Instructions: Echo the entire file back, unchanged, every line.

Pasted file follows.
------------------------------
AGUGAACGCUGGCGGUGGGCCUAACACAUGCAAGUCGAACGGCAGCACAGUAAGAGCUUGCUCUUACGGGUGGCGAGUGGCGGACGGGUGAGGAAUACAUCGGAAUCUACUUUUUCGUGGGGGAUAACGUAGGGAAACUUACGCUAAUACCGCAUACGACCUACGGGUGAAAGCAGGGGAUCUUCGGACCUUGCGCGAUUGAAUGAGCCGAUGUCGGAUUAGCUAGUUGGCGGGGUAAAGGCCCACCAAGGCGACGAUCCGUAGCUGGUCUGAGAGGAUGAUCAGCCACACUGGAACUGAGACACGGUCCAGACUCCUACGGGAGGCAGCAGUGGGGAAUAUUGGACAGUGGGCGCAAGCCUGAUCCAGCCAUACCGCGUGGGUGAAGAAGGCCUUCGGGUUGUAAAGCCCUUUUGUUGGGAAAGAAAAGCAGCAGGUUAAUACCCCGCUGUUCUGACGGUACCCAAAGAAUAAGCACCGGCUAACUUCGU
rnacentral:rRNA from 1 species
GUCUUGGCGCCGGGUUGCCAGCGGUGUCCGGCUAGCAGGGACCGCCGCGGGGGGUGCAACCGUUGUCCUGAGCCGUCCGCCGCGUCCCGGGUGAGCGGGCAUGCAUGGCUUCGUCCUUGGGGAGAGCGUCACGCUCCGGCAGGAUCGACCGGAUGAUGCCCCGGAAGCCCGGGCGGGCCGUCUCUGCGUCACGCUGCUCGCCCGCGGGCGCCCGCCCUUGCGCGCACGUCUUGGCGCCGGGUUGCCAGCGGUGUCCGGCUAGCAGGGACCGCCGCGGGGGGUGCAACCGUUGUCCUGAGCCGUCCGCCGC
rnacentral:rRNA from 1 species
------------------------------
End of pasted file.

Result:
AGUGAACGCUGGCGGUGGGCCUAACACAUGCAAGUCGAACGGCAGCACAGUAAGAGCUUGCUCUUACGGGUGGCGAGUGGCGGACGGGUGAGGAAUACAUCGGAAUCUACUUUUUCGUGGGGGAUAACGUAGGGAAACUUACGCUAAUACCGCAUACGACCUACGGGUGAAAGCAGGGGAUCUUCGGACCUUGCGCGAUUGAAUGAGCCGAUGUCGGAUUAGCUAGUUGGCGGGGUAAAGGCCCACCAAGGCGACGAUCCGUAGCUGGUCUGAGAGGAUGAUCAGCCACACUGGAACUGAGACACGGUCCAGACUCCUACGGGAGGCAGCAGUGGGGAAUAUUGGACAGUGGGCGCAAGCCUGAUCCAGCCAUACCGCGUGGGUGAAGAAGGCCUUCGGGUUGUAAAGCCCUUUUGUUGGGAAAGAAAAGCAGCAGGUUAAUACCCCGCUGUUCUGACGGUACCCAAAGAAUAAGCACCGGCUAACUUCGU
rnacentral:rRNA from 1 species
GUCUUGGCGCCGGGUUGCCAGCGGUGUCCGGCUAGCAGGGACCGCCGCGGGGGGUGCAACCGUUGUCCUGAGCCGUCCGCCGCGUCCCGGGUGAGCGGGCAUGCAUGGCUUCGUCCUUGGGGAGAGCGUCACGCUCCGGCAGGAUCGACCGGAUGAUGCCCCGGAAGCCCGGGCGGGCCGUCUCUGCGUCACGCUGCUCGCCCGCGGGCGCCCGCCCUUGCGCGCACGUCUUGGCGCCGGGUUGCCAGCGGUGUCCGGCUAGCAGGGACCGCCGCGGGGGGUGCAACCGUUGUCCUGAGCCGUCCGCCGC
rnacentral:rRNA from 1 species